Ultrastable foams are made very simply by adding salt (NaCl or KCl) to sodium dodecyl sulfate. The addition of high concentrations of salt leads to the precipitation of the surfactant on the bubble surfaces and as crystals in the interstices between the bubbles. As a consequence, the ageing of the foams is stopped to make them stable indefinitely, or until they are heated above the melting temperature of the crystals. The use of KCl is shown to be much more effective than that of NaCl because potassium dodecyl sulfate has a higher melting temperature and faster rates of crystallization. The crystalline structures have been investigated inside the foam using small angle neutron scattering. The larger lattice spacing of the crystals formed with NaCl in comparison with KCl has been evidenced. These simple temperature stimulable foams could have many potential applications.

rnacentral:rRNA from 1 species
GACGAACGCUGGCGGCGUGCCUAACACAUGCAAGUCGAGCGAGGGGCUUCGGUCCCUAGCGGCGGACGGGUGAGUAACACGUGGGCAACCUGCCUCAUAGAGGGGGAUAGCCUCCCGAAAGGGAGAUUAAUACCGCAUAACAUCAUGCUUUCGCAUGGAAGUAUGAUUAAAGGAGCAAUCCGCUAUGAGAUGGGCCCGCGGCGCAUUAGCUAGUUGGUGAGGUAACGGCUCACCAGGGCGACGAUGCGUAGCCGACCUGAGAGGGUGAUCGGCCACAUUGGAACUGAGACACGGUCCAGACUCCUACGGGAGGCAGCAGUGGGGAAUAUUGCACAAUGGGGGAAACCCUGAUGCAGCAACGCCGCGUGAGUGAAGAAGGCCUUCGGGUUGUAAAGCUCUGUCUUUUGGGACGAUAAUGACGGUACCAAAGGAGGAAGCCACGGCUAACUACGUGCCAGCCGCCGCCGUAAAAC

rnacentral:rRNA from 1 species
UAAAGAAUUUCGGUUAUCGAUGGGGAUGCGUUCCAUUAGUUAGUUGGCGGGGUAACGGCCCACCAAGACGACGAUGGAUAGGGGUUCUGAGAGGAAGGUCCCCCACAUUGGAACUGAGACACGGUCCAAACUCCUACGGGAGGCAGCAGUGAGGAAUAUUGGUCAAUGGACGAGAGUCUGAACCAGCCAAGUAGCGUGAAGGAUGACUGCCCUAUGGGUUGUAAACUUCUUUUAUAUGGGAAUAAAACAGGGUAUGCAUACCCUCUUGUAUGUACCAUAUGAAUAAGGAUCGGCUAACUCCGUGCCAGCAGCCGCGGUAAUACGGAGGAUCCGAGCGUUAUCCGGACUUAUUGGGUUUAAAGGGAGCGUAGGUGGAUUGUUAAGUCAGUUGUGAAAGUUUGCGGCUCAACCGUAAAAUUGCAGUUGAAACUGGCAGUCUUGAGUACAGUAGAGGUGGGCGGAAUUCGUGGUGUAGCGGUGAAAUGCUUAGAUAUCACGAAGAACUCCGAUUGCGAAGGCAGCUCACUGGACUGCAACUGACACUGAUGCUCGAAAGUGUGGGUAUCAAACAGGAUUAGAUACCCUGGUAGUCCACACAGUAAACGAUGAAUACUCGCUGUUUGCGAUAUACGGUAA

Li Zhang, Alesya Mikhailovskaya, Pavel Yazhgur, François Muller, Fabrice Cousin, Dominique Langevin, Nan Wang and Dr. Anniina Salonen
Precipitating Sodium Dodecyl Sulfate to Create Ultrastable and Stimulable Foams